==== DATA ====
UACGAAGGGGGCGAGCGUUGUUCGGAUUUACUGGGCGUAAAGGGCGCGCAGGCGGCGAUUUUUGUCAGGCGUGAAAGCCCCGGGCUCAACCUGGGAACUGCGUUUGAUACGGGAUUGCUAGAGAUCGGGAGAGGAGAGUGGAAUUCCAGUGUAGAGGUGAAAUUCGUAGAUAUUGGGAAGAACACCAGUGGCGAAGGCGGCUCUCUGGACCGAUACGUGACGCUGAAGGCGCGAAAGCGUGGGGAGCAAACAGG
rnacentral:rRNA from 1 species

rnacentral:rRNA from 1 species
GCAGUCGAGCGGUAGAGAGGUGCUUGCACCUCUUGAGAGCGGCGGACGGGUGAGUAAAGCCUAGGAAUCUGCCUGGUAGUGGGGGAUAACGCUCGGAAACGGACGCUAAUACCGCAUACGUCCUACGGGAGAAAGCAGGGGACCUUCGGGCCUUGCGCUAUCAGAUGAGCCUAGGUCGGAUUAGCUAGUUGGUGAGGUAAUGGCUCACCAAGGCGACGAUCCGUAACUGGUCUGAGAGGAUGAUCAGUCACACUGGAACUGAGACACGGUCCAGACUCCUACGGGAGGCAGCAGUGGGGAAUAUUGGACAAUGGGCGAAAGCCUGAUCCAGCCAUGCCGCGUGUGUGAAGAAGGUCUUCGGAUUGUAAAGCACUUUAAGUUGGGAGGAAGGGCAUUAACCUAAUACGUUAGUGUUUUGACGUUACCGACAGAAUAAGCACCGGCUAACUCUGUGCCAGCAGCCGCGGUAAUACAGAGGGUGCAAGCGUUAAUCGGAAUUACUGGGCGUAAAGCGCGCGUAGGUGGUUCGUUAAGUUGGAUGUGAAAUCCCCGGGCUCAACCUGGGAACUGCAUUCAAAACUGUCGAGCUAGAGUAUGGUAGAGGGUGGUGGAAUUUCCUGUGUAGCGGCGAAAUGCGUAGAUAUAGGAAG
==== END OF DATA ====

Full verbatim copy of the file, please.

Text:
UACGAAGGGGGCGAGCGUUGUUCGGAUUUACUGGGCGUAAAGGGCGCGCAGGCGGCGAUUUUUGUCAGGCGUGAAAGCCCCGGGCUCAACCUGGGAACUGCGUUUGAUACGGGAUUGCUAGAGAUCGGGAGAGGAGAGUGGAAUUCCAGUGUAGAGGUGAAAUUCGUAGAUAUUGGGAAGAACACCAGUGGCGAAGGCGGCUCUCUGGACCGAUACGUGACGCUGAAGGCGCGAAAGCGUGGGGAGCAAACAGG
rnacentral:rRNA from 1 species

rnacentral:rRNA from 1 species
GCAGUCGAGCGGUAGAGAGGUGCUUGCACCUCUUGAGAGCGGCGGACGGGUGAGUAAAGCCUAGGAAUCUGCCUGGUAGUGGGGGAUAACGCUCGGAAACGGACGCUAAUACCGCAUACGUCCUACGGGAGAAAGCAGGGGACCUUCGGGCCUUGCGCUAUCAGAUGAGCCUAGGUCGGAUUAGCUAGUUGGUGAGGUAAUGGCUCACCAAGGCGACGAUCCGUAACUGGUCUGAGAGGAUGAUCAGUCACACUGGAACUGAGACACGGUCCAGACUCCUACGGGAGGCAGCAGUGGGGAAUAUUGGACAAUGGGCGAAAGCCUGAUCCAGCCAUGCCGCGUGUGUGAAGAAGGUCUUCGGAUUGUAAAGCACUUUAAGUUGGGAGGAAGGGCAUUAACCUAAUACGUUAGUGUUUUGACGUUACCGACAGAAUAAGCACCGGCUAACUCUGUGCCAGCAGCCGCGGUAAUACAGAGGGUGCAAGCGUUAAUCGGAAUUACUGGGCGUAAAGCGCGCGUAGGUGGUUCGUUAAGUUGGAUGUGAAAUCCCCGGGCUCAACCUGGGAACUGCAUUCAAAACUGUCGAGCUAGAGUAUGGUAGAGGGUGGUGGAAUUUCCUGUGUAGCGGCGAAAUGCGUAGAUAUAGGAAG